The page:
Itching, red paws, tear stains and a dog with allergies
Why are my dog’s paws red and your dogs aren’t?
Where are Maggie’s tear stains?
Why is my dog’s beard discolored?
Why does my dog constantly lick his paws?
Why are my dog’s paws not red like a lot of poodles (and other breeds)?
All of those things don’t just happen. Often, these are all signs of allergies. We’re all familiar with obvious signs of distress like diarrhea but discolorations are another way for your dog’s physiology to show that something isn’t sitting well with them.
Allergies – either environmental or food-based – are very common but usually, allergies are manageable. Both of my dogs have allergies; this surprises most people because you never see them uncomfortable, licking their paws or scratching at hotspots. This is because we’ve identified the allergies then followed management and treatment protocols. Both my dogs have Bichon in them which is the #6 most allergy prone dog breed.
When Maggie was a young pup she began itching a lot. She itched and scratched, to the point where her skin as raw and red. I consulted with our vet and we tried removing one protein – chicken – from her diet. Chicken allergy is a common one, especially among bichons and bichon mixes with pink skin. We also switched foods. Each time you switch proteins it takes about a month for the effects of the old food to work their way out of your pet’s system. Then you need to wait and see how they react to the new food.
For me, the result was far from a miracle cure. I didn’t see much of an improvement at all. The itching continued. I went back to my vet and we decided it wasn’t fair to Maggie to keep guessing and switching foods. We decided to do a blood panel allergy test. This is probably one of the best decisions I made for my dogs’ health.
We ran a blood test through Spectrum Labs. The results, which came several weeks later, told us so much about her allergies and their varying levels of severity. Potential allergens ranged from peas to house flies to weeds and grasses to protein sources like chicken and fish.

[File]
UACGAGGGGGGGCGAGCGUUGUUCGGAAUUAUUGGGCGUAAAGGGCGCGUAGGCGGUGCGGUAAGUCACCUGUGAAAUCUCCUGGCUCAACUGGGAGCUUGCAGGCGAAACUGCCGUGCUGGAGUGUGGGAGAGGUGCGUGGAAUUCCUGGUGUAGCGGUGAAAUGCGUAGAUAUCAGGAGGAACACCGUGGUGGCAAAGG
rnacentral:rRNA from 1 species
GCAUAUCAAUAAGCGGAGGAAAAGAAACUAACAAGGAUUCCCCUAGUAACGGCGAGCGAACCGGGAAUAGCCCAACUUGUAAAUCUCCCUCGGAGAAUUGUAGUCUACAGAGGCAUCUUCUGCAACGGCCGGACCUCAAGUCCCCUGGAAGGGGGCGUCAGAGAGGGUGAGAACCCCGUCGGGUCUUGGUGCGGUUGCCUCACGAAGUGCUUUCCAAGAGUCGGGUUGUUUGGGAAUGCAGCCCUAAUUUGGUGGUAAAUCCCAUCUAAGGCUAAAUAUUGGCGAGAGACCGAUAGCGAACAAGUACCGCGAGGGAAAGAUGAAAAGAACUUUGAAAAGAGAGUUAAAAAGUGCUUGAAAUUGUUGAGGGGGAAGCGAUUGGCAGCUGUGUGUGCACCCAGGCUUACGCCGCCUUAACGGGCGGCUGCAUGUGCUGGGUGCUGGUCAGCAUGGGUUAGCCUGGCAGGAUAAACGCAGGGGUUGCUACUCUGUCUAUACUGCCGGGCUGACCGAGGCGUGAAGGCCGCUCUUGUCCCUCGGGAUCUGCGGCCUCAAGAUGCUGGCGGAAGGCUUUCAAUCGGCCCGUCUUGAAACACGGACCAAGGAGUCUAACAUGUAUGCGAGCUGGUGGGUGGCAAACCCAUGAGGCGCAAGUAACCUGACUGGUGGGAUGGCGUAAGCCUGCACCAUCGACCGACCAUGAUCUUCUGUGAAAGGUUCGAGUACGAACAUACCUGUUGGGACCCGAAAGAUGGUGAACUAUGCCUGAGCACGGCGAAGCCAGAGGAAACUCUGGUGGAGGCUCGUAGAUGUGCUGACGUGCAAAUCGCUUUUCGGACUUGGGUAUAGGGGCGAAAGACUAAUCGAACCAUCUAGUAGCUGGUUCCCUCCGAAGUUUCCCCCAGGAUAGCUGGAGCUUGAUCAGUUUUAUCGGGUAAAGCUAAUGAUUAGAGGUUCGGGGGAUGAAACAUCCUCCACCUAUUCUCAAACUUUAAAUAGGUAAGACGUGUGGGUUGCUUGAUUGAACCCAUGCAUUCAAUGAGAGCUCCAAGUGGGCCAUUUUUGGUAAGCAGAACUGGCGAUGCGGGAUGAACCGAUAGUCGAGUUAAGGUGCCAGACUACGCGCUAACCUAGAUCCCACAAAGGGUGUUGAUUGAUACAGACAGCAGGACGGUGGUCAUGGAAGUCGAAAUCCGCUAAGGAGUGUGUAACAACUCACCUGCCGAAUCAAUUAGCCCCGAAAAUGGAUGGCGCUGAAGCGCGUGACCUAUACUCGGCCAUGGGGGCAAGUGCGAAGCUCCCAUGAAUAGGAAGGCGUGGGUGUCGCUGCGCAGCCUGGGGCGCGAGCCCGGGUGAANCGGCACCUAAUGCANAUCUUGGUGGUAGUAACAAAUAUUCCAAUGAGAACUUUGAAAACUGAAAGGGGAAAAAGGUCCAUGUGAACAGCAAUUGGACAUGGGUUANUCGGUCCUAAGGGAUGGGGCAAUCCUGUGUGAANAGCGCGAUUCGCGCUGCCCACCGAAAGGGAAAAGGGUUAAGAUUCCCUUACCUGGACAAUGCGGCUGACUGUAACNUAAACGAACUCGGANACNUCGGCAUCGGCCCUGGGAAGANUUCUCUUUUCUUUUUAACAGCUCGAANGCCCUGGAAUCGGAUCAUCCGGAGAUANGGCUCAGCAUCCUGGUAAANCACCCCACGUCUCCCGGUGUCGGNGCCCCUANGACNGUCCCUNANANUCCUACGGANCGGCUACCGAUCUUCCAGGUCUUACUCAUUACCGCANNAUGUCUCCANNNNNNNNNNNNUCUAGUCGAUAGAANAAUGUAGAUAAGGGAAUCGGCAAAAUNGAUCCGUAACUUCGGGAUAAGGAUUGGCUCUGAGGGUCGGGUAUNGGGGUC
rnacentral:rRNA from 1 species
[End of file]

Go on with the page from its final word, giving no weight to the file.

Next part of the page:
I now manage her allergies, mostly by avoiding allergens where possible, which is easier with food allergies (I don’t give her those foods) and less easy with the environmental allergies like pollens and dust mites (Maggie hates the vacuum cleaner but it’s a necessary part of our lives). We retest every few years to see if and how her results change just like in humans dog allergies. One big help to me with management is feeding a diet with limited ingredients like Ziwi. With very few ingredients, I don’t have to wonder if she’ll react to something we haven’t seen before.
For her environmental allergies, we started allergen immunotherapy, a series of individually-formulated desensitization injections given at specific intervals.
Life changing. Maggie’s skin changed color from an angry pink to healthier white color, her hair changed texture and it no longer was falling out. She no longer itches and – probably because she doesn’t have to spend all that time scratching – her energy level soared. Because Maggie was allergic to so many ‘small’ things – white potato, kelp,green peas, eggs, – I never would have figured them out on my own without the testing. Which means she would have been uncomfortable for more years. No dog owner would want that.
When I noticed Rossi scratching a lot, I knew it was time for an allergy test. He was past the six-month mark – most puppies don’t develop allergies before six months of age – and I was eager to identify any allergies as early as possible in his life to spare him any discomfort.
Types of allergies:
Your pet may be allergic to something simple like one protein or food ingredient or to something present in his environment like a type of grass or pollen.
If you find your pup is licking his or paws frequently consider wiping their paws down after a walk with some malacetic wipes and see if it has any effect on the licking. If he stops the behaviour, this might indicate that the issue is environmental.
For some dogs with tear stains switching to purified water is the cure, if not then an allergy test can tell you a lot as tear stains if your dogs body excreting something not sitting well (and allergies aren’t fun for us or them).
If you don’t see an effect, try switching food proteins and see what happens.
If you find your pet is still having a reaction, I would contact your vet to discuss other options.
What to do about it: